This patient presents with an ischemic stroke. The first step in the Acute and Emergency Department is the so-called ABC (airway, breathing, and circulation). Meanwhile, routine blood tests and ECG should be done while arranging his brain CT scan. Brain MRI has no place in acute strokes of any type in general. Finally, and as a specific therapy, if there are no contraindications, he may receive an r-tPA infusion. Heparin infusion is now reserved for ischemic strokes with a persistent cardiac source of emboli; its "routine" use should be discouraged. Many trainees are still using steroids as a mode of reducing brain edema; the ischemic "cytotoxic" edema does not respond to glucocorticoids. Aspirin has been shown to reduce ischemic stroke morbidity and mortality as well as its recurrence rate. This patient needs optimization of his blood sugar.
433, 434, and 435) c, c, d.
This young woman has myasthenia gravis (MG). Normal pupils would cancel out Horner's syndrome. Myasthenia gravis usually targets the ocular muscles causing variable diplopia and muscle weakness. Her double vision upon reading refers to the "fatigable" weakness of her extra-ocular muscles. Unless there is a high index of suspicion, early cases may be misdiagnosed as a conversion reaction or an anxiety disorder, because the" routine" clinical examination reveals nothing abnormal. The curtain sign of fatigable ptosis is useful in such cases. Muscle biopsy may show lymphorrhages (collection of lymphocytes). Examination under electron microscopy may show a simplification of the postsynaptic membrane; however, muscle biopsy is not routinely done. A thymic histopathological examination is done after confirming the diagnosis and doing a thymectomy to exclude the presence of thymoma (which is malignant in of cases); however, it is not used initially to confirm the clinical suspicion. Anti-Yo antibodies are seen in paraneoplastic cerebellar degeneration, and anti-PQ-type calcium channel antibodies are seen in Lambert-Eaton myasthenic syndrome. In all cases of MG, brain imaging (CT scan or MRI) should be done to exclude intracranial diseases, such as small brainstem AVMs or mass lesions which may have an MG-like presentation. Chest plain films (insensitive) and chest CT scans are parts of the work-up of MG looking for thymic enlargement. Skull X-ray has no place at all. Motor neuron disease does not target the extra-ocular muscles. Myotonia dystrophica can result in bilateral ptosis but other features usually dominate the clinical picture (hand myotonia, distal weakness, wasting,…etc.). The distribution of muscle weakness and wasting in facioscapulohumeral dystrophy is characteristic; it can result in bilateral ptosis but there is no diplopia. Dermatomyositis can be acute, subacute, or chronic and has skin manifestations (heliotrope eyelid rash, Gottron's Typically, it presents with proximal weakness and tenderness; extra-ocular muscle weakness is seen in 2% of cases only and as a mode of presentation is extremely rare.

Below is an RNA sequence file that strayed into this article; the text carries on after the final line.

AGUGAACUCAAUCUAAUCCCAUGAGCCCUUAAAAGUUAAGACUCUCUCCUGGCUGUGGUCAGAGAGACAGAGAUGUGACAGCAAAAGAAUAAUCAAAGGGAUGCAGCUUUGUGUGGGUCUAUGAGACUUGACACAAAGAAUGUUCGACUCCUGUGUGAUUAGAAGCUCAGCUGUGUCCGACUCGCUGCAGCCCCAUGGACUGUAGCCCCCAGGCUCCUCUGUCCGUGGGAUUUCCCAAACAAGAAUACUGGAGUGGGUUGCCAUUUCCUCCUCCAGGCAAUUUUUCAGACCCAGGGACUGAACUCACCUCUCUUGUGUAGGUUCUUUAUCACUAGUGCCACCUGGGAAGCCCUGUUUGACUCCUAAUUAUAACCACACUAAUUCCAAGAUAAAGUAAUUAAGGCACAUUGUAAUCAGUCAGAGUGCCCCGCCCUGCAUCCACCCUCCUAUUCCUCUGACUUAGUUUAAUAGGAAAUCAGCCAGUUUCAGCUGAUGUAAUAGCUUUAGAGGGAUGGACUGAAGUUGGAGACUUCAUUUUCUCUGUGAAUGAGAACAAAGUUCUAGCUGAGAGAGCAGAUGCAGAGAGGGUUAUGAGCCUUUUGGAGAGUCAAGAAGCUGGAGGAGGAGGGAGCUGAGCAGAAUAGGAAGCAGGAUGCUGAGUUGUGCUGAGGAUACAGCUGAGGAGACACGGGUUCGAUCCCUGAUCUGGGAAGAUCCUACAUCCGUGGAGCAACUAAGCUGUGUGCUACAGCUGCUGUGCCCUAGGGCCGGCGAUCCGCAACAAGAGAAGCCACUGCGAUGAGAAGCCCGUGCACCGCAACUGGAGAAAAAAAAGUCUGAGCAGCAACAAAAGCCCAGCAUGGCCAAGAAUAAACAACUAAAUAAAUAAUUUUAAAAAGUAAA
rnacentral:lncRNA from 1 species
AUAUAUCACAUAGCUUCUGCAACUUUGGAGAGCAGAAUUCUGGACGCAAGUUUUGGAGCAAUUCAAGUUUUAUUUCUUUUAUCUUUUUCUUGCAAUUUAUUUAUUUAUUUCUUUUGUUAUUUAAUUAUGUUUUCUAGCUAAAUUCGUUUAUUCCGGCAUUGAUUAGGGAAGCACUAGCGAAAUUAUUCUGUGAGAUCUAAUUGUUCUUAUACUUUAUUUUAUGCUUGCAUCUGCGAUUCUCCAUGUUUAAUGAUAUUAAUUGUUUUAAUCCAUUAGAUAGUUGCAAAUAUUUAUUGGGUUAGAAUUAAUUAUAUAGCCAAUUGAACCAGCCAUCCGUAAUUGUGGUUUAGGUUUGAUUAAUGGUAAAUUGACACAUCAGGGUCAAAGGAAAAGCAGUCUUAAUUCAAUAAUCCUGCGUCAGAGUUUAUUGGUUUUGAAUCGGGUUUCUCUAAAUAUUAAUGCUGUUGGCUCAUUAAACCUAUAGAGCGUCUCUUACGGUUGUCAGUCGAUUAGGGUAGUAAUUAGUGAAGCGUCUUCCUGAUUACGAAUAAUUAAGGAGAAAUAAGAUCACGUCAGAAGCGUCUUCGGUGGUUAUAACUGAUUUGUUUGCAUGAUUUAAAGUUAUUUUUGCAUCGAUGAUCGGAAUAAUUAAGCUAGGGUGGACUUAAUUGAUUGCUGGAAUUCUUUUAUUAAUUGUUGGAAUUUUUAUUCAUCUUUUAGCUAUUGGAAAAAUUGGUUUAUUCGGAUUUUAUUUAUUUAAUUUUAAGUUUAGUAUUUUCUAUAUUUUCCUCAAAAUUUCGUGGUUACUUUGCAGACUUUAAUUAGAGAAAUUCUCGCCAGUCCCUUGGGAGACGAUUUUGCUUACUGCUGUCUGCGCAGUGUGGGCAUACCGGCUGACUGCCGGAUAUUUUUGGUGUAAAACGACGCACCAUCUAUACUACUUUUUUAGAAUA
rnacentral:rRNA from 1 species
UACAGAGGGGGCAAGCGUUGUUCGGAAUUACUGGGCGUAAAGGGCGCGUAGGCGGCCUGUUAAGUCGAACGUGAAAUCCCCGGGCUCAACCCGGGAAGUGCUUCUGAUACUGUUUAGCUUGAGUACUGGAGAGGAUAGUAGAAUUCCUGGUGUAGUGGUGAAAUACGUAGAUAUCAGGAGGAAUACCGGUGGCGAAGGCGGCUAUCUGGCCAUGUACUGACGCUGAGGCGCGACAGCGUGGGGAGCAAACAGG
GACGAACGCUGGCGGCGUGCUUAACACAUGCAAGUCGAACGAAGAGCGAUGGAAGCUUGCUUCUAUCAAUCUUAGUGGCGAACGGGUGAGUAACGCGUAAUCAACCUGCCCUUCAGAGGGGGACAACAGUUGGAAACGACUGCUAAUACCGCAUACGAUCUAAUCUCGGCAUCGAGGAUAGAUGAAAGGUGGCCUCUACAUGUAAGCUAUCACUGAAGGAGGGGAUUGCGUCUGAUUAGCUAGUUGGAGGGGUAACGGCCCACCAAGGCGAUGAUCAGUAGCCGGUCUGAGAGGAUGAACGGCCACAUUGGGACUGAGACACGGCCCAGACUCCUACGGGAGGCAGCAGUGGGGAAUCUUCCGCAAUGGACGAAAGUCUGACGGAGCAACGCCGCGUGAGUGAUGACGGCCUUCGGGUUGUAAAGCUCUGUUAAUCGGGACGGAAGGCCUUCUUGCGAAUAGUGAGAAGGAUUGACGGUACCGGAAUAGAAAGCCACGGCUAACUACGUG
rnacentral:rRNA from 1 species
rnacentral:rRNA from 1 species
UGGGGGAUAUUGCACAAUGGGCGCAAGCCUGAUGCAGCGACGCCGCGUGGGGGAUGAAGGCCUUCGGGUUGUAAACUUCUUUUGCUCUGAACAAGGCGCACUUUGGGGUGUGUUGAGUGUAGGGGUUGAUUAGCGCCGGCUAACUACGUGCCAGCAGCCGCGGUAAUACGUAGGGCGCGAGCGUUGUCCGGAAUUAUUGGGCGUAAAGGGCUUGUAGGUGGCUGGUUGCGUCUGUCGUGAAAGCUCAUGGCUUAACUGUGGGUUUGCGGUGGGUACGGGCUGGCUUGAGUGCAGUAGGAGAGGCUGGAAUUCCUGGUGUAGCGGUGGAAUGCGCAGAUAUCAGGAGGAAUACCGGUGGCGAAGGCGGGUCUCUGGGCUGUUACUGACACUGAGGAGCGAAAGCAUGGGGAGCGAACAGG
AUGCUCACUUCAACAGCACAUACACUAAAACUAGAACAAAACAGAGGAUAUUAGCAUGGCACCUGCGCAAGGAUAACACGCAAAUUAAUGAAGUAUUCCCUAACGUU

436, 437, and 438) c, c, c.